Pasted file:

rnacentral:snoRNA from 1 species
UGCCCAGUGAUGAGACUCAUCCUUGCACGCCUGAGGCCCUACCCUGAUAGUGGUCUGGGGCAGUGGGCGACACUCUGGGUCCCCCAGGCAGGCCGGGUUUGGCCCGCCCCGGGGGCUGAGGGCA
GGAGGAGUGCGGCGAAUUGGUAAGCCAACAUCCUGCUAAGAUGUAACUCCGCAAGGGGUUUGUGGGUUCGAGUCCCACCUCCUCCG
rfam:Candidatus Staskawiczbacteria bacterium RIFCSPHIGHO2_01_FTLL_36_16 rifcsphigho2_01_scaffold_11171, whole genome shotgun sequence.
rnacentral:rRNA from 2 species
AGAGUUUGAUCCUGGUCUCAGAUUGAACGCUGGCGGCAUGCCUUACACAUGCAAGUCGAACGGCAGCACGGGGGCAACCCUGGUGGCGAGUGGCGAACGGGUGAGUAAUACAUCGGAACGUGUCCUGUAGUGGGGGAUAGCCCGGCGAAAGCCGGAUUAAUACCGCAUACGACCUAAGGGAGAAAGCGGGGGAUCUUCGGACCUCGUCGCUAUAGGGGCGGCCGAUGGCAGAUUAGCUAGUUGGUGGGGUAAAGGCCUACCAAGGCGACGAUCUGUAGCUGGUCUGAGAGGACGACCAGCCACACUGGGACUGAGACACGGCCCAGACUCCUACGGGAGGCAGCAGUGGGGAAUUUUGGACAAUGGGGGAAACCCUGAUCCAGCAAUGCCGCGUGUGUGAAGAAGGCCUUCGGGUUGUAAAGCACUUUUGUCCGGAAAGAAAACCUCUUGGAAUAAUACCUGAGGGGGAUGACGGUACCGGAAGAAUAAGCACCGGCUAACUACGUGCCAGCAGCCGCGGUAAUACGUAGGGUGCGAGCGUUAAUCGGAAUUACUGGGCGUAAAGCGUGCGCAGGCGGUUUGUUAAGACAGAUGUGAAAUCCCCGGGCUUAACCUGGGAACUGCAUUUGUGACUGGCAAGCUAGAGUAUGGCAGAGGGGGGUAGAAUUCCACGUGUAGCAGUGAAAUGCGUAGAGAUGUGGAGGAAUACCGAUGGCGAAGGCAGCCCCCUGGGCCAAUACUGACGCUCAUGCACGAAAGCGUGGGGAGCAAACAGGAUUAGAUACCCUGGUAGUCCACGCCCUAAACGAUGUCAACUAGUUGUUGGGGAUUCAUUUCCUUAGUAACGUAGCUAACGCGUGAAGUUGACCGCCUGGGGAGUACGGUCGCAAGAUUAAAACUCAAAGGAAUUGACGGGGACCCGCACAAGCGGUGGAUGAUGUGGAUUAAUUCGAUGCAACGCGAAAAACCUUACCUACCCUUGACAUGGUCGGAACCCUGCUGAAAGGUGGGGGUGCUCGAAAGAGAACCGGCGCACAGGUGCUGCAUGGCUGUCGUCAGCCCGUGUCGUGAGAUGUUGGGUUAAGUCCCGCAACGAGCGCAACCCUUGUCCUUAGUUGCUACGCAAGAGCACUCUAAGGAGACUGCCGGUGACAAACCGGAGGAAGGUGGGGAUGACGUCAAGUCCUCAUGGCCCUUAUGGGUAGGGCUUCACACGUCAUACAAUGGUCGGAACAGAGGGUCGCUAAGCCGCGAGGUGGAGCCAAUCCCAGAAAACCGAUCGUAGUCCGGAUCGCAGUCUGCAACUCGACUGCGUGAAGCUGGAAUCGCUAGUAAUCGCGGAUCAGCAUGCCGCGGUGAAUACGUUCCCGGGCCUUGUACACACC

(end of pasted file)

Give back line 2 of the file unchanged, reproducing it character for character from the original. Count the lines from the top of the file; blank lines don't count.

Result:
UGCCCAGUGAUGAGACUCAUCCUUGCACGCCUGAGGCCCUACCCUGAUAGUGGUCUGGGGCAGUGGGCGACACUCUGGGUCCCCCAGGCAGGCCGGGUUUGGCCCGCCCCGGGGGCUGAGGGCA